I am going to share a simple recipe that everyone can make NUT MILK at home.
Here’s the short and sweet on making nut milk at home.
- Buy raw nuts.
- Soak the nuts overnight.
- Drain and rinse the soaked nuts.
- Blend the nuts with fresh water.
- Strain the nut milk.
- Sweeten, if desired.
- Chill, drink, enjoy.
- Wash, rinse, repeat once a week for nut milk happiness.
The procedure is unchanged by the nuts of your choice, but here’s some helpful information on which nuts to use.
- Always choose raw nuts. Not only do they last longer, but they also take much better to soaking and grinding and impart a light, clean flavor.
- Make sure the nuts are fresh and the best quality you can afford. Rancid nuts make for rancid nut milk, and since nut milk involves very minimal processing and just two ingredients, buy the best quality you can afford.
- Avoid skins where possible. I’d never suggest that you should peel almonds or pecans, but when making peanut or hazelnut milk, you can remove their skins by soaking and rubbing them gently between clean kitchen towels. This makes for a less chalky texture and more flavor in the finished milk.
Soak Your Nuts Overnight for Better Nut Milks
Soaking softens the nuts, making their creamy-dreamy flavors more readily available after blending. But soaking also removes the nuts’ phytic acid and enzyme inhibitors, making the nut milk reportedly easier to digest.
Soaking times will be impacted slightly by the size of your nuts. For example, peanuts require six hours, while large cashews really need at least 12 hours. But here’s something important to note: You cannot over-soak the nuts. Really! Soaking nuts for as long as 48 hours makes for tastier, more silky milk. So set your nuts to soak on Friday night and blend them whenever you have time on Saturday or Sunday.
Blending and Straining Nut Milk
Post-soaking, drain and rinse your soaked nuts. Then add them to a blender with fresh water for blending. The blender really is the best tool for this job, but a food processor works too. Nut milk from a blender is just a bit creamier and sweeter.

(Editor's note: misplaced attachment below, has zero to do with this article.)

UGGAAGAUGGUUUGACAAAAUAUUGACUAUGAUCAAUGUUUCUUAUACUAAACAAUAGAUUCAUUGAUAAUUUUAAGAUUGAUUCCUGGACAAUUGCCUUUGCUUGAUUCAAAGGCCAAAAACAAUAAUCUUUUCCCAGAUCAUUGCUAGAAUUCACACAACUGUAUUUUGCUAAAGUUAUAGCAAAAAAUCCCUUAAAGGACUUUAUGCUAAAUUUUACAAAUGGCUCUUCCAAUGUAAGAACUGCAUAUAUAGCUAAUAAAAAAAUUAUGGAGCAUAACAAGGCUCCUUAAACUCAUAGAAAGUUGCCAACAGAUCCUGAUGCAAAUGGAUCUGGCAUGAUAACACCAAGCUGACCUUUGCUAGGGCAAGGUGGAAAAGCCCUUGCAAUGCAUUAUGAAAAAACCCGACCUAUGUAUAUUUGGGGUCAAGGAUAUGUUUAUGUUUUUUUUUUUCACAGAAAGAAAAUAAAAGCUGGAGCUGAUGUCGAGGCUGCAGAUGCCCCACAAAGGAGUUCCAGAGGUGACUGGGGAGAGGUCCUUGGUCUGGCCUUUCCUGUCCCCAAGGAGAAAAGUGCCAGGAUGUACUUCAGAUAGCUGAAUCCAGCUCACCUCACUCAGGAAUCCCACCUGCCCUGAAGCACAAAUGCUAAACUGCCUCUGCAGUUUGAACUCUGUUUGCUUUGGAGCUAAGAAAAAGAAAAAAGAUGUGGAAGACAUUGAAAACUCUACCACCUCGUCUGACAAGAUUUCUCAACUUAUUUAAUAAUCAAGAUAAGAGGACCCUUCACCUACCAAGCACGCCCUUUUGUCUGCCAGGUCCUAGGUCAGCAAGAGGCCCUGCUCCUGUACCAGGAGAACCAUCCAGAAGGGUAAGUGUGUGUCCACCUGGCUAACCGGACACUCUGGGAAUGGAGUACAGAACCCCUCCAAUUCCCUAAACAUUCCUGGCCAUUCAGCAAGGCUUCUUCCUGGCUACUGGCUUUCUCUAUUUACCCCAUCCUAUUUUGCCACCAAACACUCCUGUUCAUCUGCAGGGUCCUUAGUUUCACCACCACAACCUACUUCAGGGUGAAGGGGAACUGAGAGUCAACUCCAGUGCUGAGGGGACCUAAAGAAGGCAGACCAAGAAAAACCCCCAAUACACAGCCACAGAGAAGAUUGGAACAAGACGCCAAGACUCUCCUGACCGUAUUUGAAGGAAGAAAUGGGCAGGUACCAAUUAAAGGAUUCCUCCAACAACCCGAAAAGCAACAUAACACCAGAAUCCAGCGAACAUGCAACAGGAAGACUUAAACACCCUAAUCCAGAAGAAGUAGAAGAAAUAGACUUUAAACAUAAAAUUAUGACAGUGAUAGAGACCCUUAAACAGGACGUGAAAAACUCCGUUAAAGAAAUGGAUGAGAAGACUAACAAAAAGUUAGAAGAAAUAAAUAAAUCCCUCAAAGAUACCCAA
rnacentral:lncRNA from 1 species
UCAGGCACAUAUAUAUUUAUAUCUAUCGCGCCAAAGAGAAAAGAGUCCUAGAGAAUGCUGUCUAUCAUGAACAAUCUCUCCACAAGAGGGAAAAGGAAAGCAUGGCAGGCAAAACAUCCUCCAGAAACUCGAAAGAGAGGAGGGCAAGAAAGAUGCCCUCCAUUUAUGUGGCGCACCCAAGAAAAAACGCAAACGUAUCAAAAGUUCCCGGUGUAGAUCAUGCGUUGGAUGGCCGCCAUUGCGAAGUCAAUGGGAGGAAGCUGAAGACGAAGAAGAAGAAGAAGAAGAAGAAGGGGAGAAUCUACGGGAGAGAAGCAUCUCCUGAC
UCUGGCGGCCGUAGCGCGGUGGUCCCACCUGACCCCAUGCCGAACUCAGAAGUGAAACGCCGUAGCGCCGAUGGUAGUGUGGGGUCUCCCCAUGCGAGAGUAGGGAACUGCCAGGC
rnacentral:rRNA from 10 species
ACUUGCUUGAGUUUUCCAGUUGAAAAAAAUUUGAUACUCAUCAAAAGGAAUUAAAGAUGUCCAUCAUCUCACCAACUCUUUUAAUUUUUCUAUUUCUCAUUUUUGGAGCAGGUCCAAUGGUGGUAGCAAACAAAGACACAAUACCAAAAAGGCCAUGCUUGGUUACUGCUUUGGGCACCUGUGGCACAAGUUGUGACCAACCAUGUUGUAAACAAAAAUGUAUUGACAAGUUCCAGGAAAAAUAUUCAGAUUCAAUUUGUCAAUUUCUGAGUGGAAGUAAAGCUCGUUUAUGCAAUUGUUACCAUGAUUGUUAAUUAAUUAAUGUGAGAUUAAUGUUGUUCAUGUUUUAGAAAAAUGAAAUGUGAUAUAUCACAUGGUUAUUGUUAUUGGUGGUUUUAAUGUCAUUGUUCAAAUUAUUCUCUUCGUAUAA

After blending, I suggest straining for the most milk-like, drinkable nut milk. Some folks prefer to leave their nut milk unstrained, especially those with high-powered blenders, but note that unstrained milk will separate more in the fridge and will need to be mixed again before serving.
Do you need a nut milk bag?
The short answer is no. Nut milk bags are popular among nut-milk making fans, but they aren’t required for straining. You can use a fine-mesh strainer lined with cheesecloth as an easy alternative. You can also use a clean tea towel (something thin with a loose weave like linen works best). A reader even suggested that a clean pair of pantyhose works well in a pinch.
How to Use Leftover Nut Pulp
Making nut milk at home leaves you with a unique (and useful and tasty) byproduct: the nut’s strained pulp. Whatever you do, don’t throw this away! You can freeze it — either in a zip-top bag or in ice trays — and pop it out to toss into smoothies. You can fold the nut pulp into quick-bread batters or pancakes, or add it to warm oatmeal. My favorite use? Folding the nut pulp into granola before baking — it makes the clumpiest, crunchiest granola ever!
You can also spread it out on a baking sheet and bake it in a low oven until completely dry (two to three hours). This dry nut meal can be kept frozen for several months and used in baked goods.